The early morning can be a strange and confusing place for a man in his early 20’s.
We had taken the midnight train from Madrid and arrived in San Sebastian early, so early we were left without much to do. The town was still, with the exception of a few of the usual early-risers: the paperboys, the bakers, women with their newborns, the elderly men down by the pier.
After walking across town a few blocks from the train station, we checked into our hostel. We put our bags down, puzzled about what to do next. The museums were closed. The restaurants were closed, for the most part. It was too early to drink. We settled on wandering aimlessly until everyone else woke up.
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The main part of the town was based around a short stubby peninsula, curling gently to the west. Starting from its eastern edge, we walked its outer perimeter along the water, up to the north, across to the west, down south, all the way to the bottom of bay. The arm of the peninsula came so far around that the bay had the feeling of a lake with one-quarter open to the sea, a small cocoon.
It was the summer after our last year of college. Seven of my friends and I had made the unique, not-at-all-expected decision to backpack through Europe for the summer.
As a kid, when people referred to “backpacking through Europe,” I always imagined walking from town to town, along the hillsides, perhaps passing a lazy flock of sheep led by an old man in suspenders and a hat.
This trip had been much more like college in the States: doing nothing with your friends, spending long hours trying to find cheap food, spending longer hours trying to find weed of any kind and failing, waking up with a hangover, and repeating.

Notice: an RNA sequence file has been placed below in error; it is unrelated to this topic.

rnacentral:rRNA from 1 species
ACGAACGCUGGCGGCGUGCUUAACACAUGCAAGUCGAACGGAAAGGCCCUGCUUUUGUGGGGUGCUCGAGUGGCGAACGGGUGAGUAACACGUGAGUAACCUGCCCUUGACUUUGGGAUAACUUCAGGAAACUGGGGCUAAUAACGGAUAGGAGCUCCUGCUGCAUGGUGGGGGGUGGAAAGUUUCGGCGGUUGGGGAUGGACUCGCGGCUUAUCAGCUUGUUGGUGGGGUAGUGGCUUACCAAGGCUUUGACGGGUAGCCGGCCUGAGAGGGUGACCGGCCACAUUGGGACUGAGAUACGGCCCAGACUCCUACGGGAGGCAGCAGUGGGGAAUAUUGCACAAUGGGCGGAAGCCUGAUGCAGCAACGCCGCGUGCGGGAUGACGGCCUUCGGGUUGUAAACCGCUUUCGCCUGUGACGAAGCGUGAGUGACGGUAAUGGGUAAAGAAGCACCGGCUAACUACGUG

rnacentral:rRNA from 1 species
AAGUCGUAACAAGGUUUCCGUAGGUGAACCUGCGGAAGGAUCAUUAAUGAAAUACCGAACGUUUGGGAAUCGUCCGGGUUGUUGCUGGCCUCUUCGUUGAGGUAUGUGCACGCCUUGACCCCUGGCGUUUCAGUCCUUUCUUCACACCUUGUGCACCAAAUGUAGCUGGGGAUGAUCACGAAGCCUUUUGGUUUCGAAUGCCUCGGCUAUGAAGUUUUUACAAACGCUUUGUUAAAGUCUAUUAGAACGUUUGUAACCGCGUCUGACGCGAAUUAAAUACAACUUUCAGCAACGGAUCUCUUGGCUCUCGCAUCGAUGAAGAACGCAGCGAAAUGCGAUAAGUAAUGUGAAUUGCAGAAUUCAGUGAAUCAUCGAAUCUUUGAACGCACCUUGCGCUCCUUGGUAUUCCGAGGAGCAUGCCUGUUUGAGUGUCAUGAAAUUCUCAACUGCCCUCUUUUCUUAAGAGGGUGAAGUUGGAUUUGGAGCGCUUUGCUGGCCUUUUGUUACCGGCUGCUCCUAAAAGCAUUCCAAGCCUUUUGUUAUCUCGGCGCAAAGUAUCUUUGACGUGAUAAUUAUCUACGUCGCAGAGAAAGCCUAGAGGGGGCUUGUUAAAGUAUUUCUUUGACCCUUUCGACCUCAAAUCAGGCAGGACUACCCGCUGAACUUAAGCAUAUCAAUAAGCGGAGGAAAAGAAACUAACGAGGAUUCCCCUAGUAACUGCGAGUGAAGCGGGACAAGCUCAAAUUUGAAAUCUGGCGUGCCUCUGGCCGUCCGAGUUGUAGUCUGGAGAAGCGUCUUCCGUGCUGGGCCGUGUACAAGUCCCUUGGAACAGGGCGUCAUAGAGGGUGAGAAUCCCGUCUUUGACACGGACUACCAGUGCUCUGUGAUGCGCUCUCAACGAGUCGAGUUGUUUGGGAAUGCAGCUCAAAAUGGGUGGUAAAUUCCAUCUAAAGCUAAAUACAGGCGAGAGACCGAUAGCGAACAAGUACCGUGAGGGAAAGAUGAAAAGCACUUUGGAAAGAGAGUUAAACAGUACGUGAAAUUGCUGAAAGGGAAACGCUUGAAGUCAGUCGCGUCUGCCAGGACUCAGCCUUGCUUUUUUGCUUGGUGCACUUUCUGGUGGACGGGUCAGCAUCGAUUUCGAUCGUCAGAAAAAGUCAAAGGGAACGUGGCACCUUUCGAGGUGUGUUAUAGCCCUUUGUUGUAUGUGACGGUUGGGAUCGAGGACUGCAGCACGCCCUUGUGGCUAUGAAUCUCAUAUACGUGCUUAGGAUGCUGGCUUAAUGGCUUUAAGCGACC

The early morning was a nice reprieve. We had a chance to walk the streets with a sense of clear-headedness. The best part of being in a small town in early morning, I was finding, is you couldn’t find an obligation if you wanted to.
Despite the beauty and peace of the scene that morning, I felt a bit melancholy, dull, a twinge of hollowness. My dad had died just months before. I had decided I wouldn’t let myself miss out on such a defining experience just to wallow in grief. But still, the whole trip was colored by the loss. Every day, there was a distinct moment, amid laughing with my friends or in the middle of visiting some church, when I really remembered for the first time that day what had happened, a jolt of electricity through my veins. It always took some time to recover, shake free, and forget again for the time being.
But we had also just been traveling long enough that the novelty had worn off. That was enough to make anyone a bit dreary. I was glad to be with great friends in such historic locales, but the constant inability to decide where to stay or eat, the inevitable decision to just get a kebab from a mass of meat rotating around a stick, the need to always be bunking with 3-4 unshowered men, the different bed every night, etc. was beginning to weigh on me.
As the day crept on, we struggled to find things to do. Joe split off to take a nap. Once it became socially acceptable, George and I got in our trunks and headed down to the beach, what seemed to be the center of life in San Sebastian.
It wasn’t a particularly busy day. It felt like it was probably very normal and unspectacular to the locals.
The complex surrounding the beach had the feeling of a place that would have been the height of luxury in the 60s, not quite fitting today, but with an air of decor and high-society slowly washing out. Waiters and other service people were all in uniforms too formal for a place with sand in every crevice, too outdated to be truly formal.
Now, George wandered off on his own – something about going to make a phone call, or going to find a book, or going just to wander. I can’t remember. We agreed to meet back by a certain beach umbrella at noon.
That always annoyed me about George; he seemed perfectly content going off on his own, leaving me to no one. He didn’t seem to particularly care if he had people around or not. It annoyed, even angered, me. Fuck that shit. As a friend, he was supposed to not leave me hanging.
I wandered the beachside with my headphones in for what seemed like forever. I spent most of my energy trying to give the appearance of doing something, rather than actually doing something.